One day at a time. #adaat. It’s a saying, a statement, a concept that I haven’t deeply explored during my sobriety. I initially took it at face value, connecting it to the idea of ‘keep it simple’. I just have to be sober a day at a time and if this means reciting the Serenity Prayer over and over or going to as many meetings as I can or working my program to the best of my ability then so be it. As my recovery from alcoholism has matured, so has my understanding of what it means to live ‘one day at a time’.
I was attracted to the recognition and celebratory atmosphere enjoyed by all when a member of the Fellowship achieves a full year of sobriety. Receiving a ‘birthday’ card with everybody’s best wishes after sharing your experience, strength & hope is totally juxtaposed with first approaching the AA rooms. The feeling of belonging, support and validation as a worthy human being in that moment is so good. The cresendo leading up to a sobriety birthday is in contrast to what it is to live in recovery ‘one day at a time’.
For some, the goal of reaching a year of sobriety eclipses the whole significance of recovery from alcoholism. I have witnessed this blinkered view amount to relapse as the person hasn’t got a goal to reach for after 365 days of sobriety. They have forgotten or dismissed the well known expression of ‘one day at a time’.
Personally I succumbed to relapse after 18 months of sobriety despite attending regular meetings. My suspiciousness was a barrier to being gifted with telephone numbers to contact other alcoholics in times of doubt, insecurity and craving. I convinced myself meetings were enough and I didn’t have to engage or contribute. I didn’t know that the only way we can keep it is by giving it away. Sharing back at meetings and having a service position are essential components of recovery as they enable us to be selfless rather than selfish. Being so withdrawn and weary of the world I tentatively learned the hard way. Per haps if I had mentioned my sobriety birthday I would’ve been able to establish the connections I needed to be sponsored and do the Steps. I wanted to avoid relapse due to being motiveless after a year of sobriety, however I did relapse at 18 months because of fear, reluctance and no defense against the first drink. I was worrying about what might happen in the future and not concentrating on ‘one day at a time’.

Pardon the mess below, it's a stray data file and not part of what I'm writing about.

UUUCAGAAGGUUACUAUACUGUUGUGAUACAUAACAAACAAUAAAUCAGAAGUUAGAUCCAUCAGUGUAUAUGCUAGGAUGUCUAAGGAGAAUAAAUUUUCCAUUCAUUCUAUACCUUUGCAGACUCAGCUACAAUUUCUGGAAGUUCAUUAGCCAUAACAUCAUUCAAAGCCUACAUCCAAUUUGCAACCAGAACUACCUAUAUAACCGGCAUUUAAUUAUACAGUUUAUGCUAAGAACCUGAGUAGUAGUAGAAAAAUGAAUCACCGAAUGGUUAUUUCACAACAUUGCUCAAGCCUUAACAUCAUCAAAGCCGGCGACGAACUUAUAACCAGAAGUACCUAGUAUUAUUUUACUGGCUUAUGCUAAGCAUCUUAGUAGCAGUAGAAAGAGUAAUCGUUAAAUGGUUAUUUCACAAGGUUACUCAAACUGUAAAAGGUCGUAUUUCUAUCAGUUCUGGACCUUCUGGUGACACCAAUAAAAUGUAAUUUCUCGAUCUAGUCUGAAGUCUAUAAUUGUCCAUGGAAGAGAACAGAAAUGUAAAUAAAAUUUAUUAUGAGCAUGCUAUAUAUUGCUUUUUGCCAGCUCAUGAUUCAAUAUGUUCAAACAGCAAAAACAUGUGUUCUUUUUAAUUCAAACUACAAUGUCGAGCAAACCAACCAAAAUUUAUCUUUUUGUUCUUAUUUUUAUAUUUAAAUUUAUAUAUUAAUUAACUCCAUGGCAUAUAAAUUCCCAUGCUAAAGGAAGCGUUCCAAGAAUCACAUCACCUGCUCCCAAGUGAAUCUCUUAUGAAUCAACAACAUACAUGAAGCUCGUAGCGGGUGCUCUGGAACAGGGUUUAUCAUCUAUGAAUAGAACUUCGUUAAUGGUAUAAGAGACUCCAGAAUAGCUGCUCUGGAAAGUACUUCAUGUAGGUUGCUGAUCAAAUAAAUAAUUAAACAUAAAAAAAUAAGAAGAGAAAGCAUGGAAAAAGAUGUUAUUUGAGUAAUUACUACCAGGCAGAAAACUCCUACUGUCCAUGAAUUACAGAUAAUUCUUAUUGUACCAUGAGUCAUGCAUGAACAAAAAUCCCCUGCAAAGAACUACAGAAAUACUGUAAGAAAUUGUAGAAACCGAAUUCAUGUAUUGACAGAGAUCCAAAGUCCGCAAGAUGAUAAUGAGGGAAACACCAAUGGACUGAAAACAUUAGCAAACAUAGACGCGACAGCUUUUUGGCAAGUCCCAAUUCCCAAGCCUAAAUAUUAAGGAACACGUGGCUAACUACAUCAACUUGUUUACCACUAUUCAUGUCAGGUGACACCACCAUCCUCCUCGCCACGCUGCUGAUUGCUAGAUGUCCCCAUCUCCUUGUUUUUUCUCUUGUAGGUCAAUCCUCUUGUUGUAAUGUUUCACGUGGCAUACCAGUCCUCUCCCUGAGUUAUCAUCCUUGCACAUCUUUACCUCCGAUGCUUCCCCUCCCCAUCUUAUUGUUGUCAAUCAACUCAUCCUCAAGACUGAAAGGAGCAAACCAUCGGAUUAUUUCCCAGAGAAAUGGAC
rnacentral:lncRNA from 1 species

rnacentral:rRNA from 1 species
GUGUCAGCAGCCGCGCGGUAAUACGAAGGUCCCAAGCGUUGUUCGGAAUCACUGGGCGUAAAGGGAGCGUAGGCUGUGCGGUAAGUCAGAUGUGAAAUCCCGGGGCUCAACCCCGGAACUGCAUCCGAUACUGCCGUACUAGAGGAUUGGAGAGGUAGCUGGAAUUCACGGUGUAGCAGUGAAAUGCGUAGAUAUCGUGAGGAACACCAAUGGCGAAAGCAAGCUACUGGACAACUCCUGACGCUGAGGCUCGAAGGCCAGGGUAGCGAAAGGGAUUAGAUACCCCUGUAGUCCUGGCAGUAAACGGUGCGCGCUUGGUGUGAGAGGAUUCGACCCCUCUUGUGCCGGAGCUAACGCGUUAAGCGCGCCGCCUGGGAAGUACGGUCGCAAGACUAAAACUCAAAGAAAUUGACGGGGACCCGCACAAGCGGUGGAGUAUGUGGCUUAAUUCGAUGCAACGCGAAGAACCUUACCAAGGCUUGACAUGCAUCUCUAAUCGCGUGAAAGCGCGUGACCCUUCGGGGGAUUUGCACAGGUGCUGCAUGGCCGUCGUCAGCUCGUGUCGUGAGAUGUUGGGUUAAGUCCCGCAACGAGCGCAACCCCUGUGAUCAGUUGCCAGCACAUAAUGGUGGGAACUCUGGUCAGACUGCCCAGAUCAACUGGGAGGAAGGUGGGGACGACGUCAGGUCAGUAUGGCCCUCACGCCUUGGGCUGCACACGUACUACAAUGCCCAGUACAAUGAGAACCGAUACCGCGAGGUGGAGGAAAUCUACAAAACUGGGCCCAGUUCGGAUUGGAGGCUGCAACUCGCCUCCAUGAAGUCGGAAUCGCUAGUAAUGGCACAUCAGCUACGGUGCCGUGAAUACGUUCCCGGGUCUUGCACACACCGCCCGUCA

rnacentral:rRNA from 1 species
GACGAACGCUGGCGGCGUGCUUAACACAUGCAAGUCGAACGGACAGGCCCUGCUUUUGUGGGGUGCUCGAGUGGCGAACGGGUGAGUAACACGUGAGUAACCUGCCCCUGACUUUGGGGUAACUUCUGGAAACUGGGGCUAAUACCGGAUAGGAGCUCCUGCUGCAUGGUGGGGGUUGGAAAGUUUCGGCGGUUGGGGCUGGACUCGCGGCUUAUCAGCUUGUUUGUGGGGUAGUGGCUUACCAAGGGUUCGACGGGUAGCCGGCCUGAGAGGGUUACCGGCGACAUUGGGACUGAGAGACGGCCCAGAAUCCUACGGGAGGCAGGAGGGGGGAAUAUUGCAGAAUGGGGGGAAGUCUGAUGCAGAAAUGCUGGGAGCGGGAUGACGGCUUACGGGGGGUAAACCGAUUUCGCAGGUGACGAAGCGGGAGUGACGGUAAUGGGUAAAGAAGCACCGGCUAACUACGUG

There’s a humility in the expressive tone of old timers whom frequent the rooms of AA. Some know their sobriety date after decades of recovery, some didn’t have one to begin with and others have even forgotten it altogether. They chuckle whilst people like myself get a furrowed brow of confusion and wonder as to how they can remain so jolly instead of searching their memories to recapture the elusive date. I was taught in AA that I am equal to the old timer with decades of sobriety. This humbled me as I held these people in very high regard and simultaneously doubted how I could ever live without drinking as they did. The reality is that regardless of time served in recovery from alcoholism the diseases is latent; waiting to reactivate, progressively worsen and annihilate us, unless we embrace recovery and live ‘one day at a time’.